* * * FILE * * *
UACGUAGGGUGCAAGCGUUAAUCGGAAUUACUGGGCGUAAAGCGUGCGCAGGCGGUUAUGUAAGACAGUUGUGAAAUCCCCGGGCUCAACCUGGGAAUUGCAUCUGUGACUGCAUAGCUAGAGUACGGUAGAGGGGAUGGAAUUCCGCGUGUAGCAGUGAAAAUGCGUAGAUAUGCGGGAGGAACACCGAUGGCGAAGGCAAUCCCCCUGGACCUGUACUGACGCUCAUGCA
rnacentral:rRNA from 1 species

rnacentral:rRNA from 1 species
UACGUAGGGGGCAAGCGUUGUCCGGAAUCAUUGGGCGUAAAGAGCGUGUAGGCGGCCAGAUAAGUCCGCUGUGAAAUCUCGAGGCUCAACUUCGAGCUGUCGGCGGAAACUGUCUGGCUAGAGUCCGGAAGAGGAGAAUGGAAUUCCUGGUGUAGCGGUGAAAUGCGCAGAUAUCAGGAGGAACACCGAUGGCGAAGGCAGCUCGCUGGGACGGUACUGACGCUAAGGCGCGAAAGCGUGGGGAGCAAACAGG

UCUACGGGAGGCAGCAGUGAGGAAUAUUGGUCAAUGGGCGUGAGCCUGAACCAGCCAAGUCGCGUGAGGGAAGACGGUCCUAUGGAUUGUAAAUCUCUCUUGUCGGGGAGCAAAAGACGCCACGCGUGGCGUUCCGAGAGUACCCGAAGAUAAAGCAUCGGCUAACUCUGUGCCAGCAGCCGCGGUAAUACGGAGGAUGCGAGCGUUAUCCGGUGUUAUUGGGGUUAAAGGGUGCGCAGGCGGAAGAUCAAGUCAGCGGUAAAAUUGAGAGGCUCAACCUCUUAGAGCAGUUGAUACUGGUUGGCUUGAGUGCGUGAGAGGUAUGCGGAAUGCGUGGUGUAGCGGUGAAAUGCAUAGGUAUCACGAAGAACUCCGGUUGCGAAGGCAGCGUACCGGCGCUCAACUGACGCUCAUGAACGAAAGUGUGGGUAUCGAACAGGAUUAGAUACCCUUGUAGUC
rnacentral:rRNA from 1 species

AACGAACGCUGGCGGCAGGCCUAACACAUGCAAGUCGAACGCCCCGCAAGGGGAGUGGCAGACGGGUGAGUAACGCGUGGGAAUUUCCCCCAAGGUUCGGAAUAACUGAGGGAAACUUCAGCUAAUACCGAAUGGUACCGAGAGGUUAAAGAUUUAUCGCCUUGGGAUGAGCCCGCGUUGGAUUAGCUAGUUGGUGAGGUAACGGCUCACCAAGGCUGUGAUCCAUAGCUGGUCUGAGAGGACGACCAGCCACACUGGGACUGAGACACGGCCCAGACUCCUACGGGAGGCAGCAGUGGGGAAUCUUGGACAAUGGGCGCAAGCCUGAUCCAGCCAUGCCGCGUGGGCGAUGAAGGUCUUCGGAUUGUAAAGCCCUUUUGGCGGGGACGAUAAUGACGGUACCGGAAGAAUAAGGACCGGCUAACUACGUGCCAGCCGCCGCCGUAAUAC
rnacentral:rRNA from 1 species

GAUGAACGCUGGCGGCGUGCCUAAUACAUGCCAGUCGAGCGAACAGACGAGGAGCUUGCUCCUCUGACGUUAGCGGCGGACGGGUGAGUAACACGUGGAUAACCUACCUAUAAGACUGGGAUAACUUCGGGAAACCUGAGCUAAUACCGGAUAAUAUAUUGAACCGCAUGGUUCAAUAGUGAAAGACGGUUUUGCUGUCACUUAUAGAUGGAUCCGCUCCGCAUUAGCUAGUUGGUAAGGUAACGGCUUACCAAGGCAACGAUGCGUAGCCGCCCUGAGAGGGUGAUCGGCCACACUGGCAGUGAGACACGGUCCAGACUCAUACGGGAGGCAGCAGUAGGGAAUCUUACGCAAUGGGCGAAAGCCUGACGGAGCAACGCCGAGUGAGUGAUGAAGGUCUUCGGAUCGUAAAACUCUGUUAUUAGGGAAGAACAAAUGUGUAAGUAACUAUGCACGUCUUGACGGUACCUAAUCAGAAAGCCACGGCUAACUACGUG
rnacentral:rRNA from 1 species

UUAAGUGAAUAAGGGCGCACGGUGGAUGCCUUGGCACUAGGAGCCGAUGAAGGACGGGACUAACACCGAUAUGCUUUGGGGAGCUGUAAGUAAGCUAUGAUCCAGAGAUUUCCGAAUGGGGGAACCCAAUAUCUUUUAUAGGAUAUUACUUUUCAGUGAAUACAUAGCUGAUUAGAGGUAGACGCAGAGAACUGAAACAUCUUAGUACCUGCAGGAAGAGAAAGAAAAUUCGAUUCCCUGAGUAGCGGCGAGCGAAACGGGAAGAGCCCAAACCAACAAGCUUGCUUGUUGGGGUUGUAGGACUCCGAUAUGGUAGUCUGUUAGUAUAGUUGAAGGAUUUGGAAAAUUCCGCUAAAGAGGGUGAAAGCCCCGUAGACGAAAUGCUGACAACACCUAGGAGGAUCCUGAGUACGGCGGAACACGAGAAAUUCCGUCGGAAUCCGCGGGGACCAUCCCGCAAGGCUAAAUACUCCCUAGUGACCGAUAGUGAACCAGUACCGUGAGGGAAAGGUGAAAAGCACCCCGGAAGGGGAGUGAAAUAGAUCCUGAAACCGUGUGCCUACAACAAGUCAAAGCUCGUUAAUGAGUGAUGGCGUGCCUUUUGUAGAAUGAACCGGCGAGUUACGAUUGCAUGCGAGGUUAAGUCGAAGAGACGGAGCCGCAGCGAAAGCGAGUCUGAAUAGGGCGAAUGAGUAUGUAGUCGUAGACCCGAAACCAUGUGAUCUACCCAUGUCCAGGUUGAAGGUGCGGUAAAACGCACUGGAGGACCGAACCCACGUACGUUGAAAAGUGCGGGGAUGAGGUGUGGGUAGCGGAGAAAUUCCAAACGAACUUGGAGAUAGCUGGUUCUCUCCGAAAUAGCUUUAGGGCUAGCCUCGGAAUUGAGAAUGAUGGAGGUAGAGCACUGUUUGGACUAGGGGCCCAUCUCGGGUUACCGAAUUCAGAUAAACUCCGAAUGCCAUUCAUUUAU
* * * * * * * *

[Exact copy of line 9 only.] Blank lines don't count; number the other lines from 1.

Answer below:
GAUGAACGCUGGCGGCGUGCCUAAUACAUGCCAGUCGAGCGAACAGACGAGGAGCUUGCUCCUCUGACGUUAGCGGCGGACGGGUGAGUAACACGUGGAUAACCUACCUAUAAGACUGGGAUAACUUCGGGAAACCUGAGCUAAUACCGGAUAAUAUAUUGAACCGCAUGGUUCAAUAGUGAAAGACGGUUUUGCUGUCACUUAUAGAUGGAUCCGCUCCGCAUUAGCUAGUUGGUAAGGUAACGGCUUACCAAGGCAACGAUGCGUAGCCGCCCUGAGAGGGUGAUCGGCCACACUGGCAGUGAGACACGGUCCAGACUCAUACGGGAGGCAGCAGUAGGGAAUCUUACGCAAUGGGCGAAAGCCUGACGGAGCAACGCCGAGUGAGUGAUGAAGGUCUUCGGAUCGUAAAACUCUGUUAUUAGGGAAGAACAAAUGUGUAAGUAACUAUGCACGUCUUGACGGUACCUAAUCAGAAAGCCACGGCUAACUACGUG